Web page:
No trial for U of C students in pro-life display dispute
Charges stayed against students
Alanna Campbell, leftand Asia Strezynski from Campus Pro-Life hold up their summons February 2, 2009 charging them with trespassing following a controversial anti-abortion demonstration at the University of Calgary campus. Photograph by: Dean Bicknell/Canwest News Service, np
CALGARY - Six members of an antiabortion group that defied University of Calgary officials by refusing to alter a campus billboard campaign depicting dead fetuses will not go to trial on charges of trespassing.
The Crown stayed the charges against Campus Pro-Life members, five of whom were U of C students, after determining there wasn't enough evidence to proceed with the prosecution, said Alberta Justice spokesman David Dear.
"It confirms our position that we do have the right to be on our own campus," said club president Leah Hallman.
Hallman said she was prepared for the fight in court, which was scheduled for Wednesday, but relieved to learn the charges were dropped.
"We will continue to be the voice of the unborn. We'll continue to present the issue peacefully . . . in order to win people's hearts or minds," she said.
In a statement released to the media, the university said it "remains committed to ensuring the safety and security of campus and will take some time to reflect on this development. The safety and wellbeing of our students, staff and faculty are paramount issues."
The statement also said the university has tried to compromise with Campus Pro-Life, but without success.
"The organization's statements and actions to date have made it clear that it is not interested in a discussion or debate," the statement said. "Rather, it is seeking publicity and using the media to advance its objectives. The university will not engage with CPL on this basis."
The decision by the Crown to drop the case was called a victory for free speech by the group's lawyer.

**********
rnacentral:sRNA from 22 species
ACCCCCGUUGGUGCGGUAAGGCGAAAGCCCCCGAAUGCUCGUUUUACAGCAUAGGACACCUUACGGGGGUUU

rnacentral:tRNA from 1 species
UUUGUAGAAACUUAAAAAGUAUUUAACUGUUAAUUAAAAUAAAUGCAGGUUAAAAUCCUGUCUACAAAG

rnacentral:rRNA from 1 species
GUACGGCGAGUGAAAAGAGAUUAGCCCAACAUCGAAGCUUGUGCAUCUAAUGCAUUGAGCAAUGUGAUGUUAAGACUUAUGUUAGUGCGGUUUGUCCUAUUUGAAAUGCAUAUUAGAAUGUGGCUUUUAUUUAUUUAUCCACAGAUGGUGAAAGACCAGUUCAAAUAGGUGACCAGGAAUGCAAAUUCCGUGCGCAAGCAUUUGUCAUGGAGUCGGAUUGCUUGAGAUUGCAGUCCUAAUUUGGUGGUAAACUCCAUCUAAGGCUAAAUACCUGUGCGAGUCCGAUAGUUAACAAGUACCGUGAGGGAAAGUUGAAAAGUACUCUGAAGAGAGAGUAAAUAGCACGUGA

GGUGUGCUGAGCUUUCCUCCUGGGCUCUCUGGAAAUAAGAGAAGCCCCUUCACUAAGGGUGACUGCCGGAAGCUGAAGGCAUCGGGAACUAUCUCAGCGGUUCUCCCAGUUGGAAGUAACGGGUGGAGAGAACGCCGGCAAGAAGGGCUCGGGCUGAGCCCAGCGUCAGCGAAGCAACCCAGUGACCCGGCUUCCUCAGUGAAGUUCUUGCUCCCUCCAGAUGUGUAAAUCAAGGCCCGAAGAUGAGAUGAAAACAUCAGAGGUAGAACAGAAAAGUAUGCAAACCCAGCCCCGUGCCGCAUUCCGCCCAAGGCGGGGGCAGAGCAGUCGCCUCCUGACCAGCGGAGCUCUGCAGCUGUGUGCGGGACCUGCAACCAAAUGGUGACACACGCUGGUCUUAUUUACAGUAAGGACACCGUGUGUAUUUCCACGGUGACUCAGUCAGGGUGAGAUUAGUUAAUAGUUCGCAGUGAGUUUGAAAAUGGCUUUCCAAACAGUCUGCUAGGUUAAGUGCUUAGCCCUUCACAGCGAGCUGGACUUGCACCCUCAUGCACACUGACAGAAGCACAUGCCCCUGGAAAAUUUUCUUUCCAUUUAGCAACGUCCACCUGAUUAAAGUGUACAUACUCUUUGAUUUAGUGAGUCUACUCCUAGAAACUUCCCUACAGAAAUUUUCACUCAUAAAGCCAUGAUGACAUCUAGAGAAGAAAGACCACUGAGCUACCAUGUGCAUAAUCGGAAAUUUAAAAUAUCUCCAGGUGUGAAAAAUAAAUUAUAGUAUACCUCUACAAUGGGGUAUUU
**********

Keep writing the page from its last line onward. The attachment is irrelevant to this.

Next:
"I think free speech is like a seamless garment, that if you can suppress the peaceful expression on a university campus, in fact it does have implications on every street corner in Canada," said John Carpay, of the Canadian Constitution Foundation.
The charges stem from a dispute between university officials and Campus Pro-Life over its Genocide Awareness Project. Images of dead fetuses were displayed and compared to genocide casualties and Holocaust victims. The images were on 14 boards and were set up near the university's library and science theatres, which are popular gathering places on campus.
Though the two sides were locked in battle over the displays for some time, the university pressed to have members of the group charged with trespassing after they refused to turn the billboards inward in November 2008.
Despite facing trespassing charges, the group has continued to erect its displays, most recently in September.
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Article sourced from: http://www.calgaryherald.com/news/trial+students+life+display+dispute/2174547/story.html
A victory for free speech on campus
The Canadian Constitution Foundation (CCF) today announced that the Alberta Crown Prosecutors' Office has decided to stay the trespassing charges which the
The students took the position that they were not in violation of any University rule, policy, bylaw or regulation. The students also argued that the University had no qualms about the display on campus of large colour photos showing the results of torture perpetrated by Chinese Communists on adherents of the Falun Gong religious movement. The students claim that the Falun Gong torture photos were merely one example of a myriad of obscene, offensive, and disturbing expression which the University tolerates on campus. The University's own website promises that, as part of its respect for "the rich diversity of our learners," there will be no discrimination or harassment on the basis of various grounds including race, religion, and political beliefs.
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